I would like to change our two-party system.

3.
National Security

What, if anything, does the U.S. need to do in order to address national security and terrorism? Please explain your answer in detail.

Respuesta de Sean White:

Weapons manufactures, aircraft manufacturers, Halliburton and many more multi-national corporations that make huge campaign contributions benefit greatly from conflicts in the Middle East. Usually, unless we are giving someone military support in the Middle East, the people in the Middle East resent outside influence from the United States in the region. Before we enter another conflict in the Middle East, we should require that all of these business that would benefit economically from a war should not be allowed to contribute to the politicians that are deciding to go to war or intervene.

 

I often have jobs and work in the Middle East and there are a lot of good people in countries that many Americans fear. There are good and bad people everywhere. I have taught solar classes to good engineers (good hard working family men and women) in Lebanon, Pakistan, Qatar and Oman.

 

I am torn between letting people in the Middle East solve their own problems and helping people that are getting killed now. There is an opinion that the US invasion of Iraq, (where there were not weapons of mass destruction) has caused an imbalance in the region, which has led to ISIS.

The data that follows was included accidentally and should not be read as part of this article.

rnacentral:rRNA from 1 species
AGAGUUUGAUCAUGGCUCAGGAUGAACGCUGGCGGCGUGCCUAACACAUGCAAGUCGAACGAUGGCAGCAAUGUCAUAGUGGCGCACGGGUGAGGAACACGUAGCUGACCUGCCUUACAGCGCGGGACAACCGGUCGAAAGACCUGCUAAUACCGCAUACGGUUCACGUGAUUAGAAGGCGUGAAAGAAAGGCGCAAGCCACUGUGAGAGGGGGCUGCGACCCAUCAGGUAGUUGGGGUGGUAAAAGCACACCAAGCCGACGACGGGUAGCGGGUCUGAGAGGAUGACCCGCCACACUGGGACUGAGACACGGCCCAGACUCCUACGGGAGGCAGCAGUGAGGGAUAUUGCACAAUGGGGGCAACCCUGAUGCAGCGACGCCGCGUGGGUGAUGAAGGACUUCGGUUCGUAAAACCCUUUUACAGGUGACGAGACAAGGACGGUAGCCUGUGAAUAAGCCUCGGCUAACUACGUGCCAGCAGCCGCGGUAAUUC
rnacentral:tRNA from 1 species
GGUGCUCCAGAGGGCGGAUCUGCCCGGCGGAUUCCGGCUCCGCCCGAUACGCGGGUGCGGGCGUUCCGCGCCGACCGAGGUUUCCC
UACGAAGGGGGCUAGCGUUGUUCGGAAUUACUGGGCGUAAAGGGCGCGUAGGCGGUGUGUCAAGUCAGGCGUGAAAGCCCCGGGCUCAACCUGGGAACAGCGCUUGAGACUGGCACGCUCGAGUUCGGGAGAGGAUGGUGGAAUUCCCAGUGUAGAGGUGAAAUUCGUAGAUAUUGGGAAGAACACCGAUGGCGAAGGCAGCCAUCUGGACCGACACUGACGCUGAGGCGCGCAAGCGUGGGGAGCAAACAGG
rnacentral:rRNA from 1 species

The US is allied with many non-democratic countries. Many countries spend a lot of money lobbying/influencing our politicians and influencing USA discourse.

 

America should be a democracy of the people, not the corporation. America should not defend entities that do not respect human rights.

4.
Drought

The Federal Government plays a part in California water allocation and use through a variety of laws.  What, if any, legislation would you support in an effort to handle water shortages caused by the current and any future drought?

Respuesta de Sean White:

We are going to eventually need to get water from wetter regions than within our state. Anything else is a temporary fix. Population is increasing, droughts are common, temperatures are rising and aquifers are drying up. Tweaking the limited water supply in the Delta is only a temporary fix. It is very wet to the north of California and eventually we will get water from the north and it will cost a lot. As world populations increase, water for farming is becoming increasingly scarce. It may be that the wars of the future will be fought over access to water. Some people say that the war in Syria would not have happened and ISIS would not have formed if there were more water for farming. Crops get thirsty, people get hungry, people get angry and a small percentage of them chose to die as martyrs. The “water wars” that we have in California are tame compared to the slaughter going on in Africa due to drought.

 

Desalination is very expensive, but it is a potential solution, especially with the exponentially decreasing costs of solar energy and technology.

Money corrupts politics. I believe that the cause of most of our problems in society are derived from the fact that it takes money to win elections and that raising money has become more important than good bipartisan legislation to politicians.

Want to get something done in Washington, pay money. Selling guns and need a good war? Donate to a campaign and get it done. Need to send mercury into a river? Pay like the Koch Brothers pay. Own a politician.